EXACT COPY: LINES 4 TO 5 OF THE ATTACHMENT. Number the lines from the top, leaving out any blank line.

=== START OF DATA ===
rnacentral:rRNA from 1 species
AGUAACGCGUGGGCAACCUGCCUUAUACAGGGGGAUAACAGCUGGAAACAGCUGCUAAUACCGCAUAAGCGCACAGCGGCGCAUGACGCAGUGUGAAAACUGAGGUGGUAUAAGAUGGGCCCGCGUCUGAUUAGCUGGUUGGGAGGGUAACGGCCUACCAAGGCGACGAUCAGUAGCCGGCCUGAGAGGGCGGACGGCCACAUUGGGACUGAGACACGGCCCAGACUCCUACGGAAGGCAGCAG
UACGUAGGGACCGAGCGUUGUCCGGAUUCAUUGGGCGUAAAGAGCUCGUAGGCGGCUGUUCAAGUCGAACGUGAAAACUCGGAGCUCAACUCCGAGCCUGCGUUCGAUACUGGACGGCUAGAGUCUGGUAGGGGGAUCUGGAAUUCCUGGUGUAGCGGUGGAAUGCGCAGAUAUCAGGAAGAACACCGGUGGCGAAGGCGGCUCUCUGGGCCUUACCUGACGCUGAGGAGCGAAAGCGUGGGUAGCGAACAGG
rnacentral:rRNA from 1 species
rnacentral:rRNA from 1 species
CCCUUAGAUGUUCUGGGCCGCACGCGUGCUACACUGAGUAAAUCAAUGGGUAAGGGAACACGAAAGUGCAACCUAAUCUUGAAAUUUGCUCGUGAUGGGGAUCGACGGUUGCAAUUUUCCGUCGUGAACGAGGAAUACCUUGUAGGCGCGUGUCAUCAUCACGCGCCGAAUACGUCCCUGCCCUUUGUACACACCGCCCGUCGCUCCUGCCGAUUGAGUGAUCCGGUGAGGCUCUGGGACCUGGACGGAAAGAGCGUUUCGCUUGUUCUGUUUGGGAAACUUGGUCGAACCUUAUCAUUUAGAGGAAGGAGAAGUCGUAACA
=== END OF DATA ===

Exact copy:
rnacentral:rRNA from 1 species
rnacentral:rRNA from 1 species